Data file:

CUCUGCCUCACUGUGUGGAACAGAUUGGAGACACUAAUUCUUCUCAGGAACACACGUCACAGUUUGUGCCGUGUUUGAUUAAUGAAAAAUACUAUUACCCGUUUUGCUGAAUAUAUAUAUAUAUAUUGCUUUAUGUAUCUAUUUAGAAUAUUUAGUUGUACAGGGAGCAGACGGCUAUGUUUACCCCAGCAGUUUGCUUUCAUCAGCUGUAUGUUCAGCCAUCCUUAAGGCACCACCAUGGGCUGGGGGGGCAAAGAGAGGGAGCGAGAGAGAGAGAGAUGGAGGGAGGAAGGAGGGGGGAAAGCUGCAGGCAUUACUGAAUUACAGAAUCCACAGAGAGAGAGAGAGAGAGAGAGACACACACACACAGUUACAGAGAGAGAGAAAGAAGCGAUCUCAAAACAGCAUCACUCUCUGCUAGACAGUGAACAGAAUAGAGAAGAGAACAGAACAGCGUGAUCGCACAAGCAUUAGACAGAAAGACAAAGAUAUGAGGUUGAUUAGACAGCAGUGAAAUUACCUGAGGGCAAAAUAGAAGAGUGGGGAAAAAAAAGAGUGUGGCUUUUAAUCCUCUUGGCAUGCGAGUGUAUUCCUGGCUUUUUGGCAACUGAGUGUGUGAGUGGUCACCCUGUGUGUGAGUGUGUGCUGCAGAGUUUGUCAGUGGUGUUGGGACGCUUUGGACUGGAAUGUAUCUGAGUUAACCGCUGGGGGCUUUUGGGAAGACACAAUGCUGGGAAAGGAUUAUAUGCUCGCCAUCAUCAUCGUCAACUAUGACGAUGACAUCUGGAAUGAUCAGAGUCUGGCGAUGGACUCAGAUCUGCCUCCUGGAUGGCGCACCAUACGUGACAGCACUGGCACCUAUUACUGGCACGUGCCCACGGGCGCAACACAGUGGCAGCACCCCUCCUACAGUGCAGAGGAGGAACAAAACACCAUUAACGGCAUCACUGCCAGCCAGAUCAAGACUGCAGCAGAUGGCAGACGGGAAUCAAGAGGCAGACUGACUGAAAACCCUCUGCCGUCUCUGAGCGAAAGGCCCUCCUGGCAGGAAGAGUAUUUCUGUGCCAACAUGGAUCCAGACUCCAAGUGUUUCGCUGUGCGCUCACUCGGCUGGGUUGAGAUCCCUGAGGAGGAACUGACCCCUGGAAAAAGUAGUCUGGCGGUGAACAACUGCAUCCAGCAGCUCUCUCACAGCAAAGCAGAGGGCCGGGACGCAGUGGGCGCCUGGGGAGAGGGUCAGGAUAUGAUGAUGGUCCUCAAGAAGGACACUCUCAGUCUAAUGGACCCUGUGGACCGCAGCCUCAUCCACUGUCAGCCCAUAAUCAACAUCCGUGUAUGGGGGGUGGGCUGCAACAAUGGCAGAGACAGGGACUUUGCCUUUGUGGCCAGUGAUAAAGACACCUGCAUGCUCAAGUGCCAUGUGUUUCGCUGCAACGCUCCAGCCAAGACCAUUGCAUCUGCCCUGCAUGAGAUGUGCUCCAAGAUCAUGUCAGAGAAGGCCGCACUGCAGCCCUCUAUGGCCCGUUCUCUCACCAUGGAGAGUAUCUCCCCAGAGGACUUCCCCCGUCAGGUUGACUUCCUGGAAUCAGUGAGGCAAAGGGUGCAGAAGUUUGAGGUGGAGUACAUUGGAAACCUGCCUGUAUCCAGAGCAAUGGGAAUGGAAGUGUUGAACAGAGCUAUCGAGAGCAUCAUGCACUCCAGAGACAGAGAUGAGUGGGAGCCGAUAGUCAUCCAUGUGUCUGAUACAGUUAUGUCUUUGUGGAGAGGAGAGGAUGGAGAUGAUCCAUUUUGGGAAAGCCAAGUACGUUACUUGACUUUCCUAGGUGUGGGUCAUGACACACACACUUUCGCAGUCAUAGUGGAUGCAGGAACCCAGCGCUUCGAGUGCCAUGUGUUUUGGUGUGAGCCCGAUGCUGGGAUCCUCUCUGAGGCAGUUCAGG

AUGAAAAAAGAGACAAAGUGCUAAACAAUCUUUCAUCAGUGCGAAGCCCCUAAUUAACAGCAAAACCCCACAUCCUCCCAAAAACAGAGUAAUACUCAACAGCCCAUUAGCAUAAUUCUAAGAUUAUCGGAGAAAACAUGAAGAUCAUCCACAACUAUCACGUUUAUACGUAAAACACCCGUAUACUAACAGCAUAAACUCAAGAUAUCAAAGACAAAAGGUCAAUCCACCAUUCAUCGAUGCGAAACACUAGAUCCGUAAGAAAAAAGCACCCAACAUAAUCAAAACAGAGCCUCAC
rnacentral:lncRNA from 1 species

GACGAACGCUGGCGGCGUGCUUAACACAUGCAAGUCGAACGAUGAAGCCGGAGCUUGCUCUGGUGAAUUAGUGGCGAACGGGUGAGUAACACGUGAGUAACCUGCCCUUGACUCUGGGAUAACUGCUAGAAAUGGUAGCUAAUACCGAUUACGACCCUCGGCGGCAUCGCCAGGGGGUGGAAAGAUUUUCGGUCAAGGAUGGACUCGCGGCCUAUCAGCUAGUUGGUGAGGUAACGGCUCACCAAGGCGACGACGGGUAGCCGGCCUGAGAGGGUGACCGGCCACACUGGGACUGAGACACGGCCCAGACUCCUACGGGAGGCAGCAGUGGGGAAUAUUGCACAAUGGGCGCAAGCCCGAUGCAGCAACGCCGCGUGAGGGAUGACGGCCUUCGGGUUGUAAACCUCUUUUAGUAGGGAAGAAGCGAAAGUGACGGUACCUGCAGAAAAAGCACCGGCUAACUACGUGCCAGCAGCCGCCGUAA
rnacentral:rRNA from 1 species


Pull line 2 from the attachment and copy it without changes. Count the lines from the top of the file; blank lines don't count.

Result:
AUGAAAAAAGAGACAAAGUGCUAAACAAUCUUUCAUCAGUGCGAAGCCCCUAAUUAACAGCAAAACCCCACAUCCUCCCAAAAACAGAGUAAUACUCAACAGCCCAUUAGCAUAAUUCUAAGAUUAUCGGAGAAAACAUGAAGAUCAUCCACAACUAUCACGUUUAUACGUAAAACACCCGUAUACUAACAGCAUAAACUCAAGAUAUCAAAGACAAAAGGUCAAUCCACCAUUCAUCGAUGCGAAACACUAGAUCCGUAAGAAAAAAGCACCCAACAUAAUCAAAACAGAGCCUCAC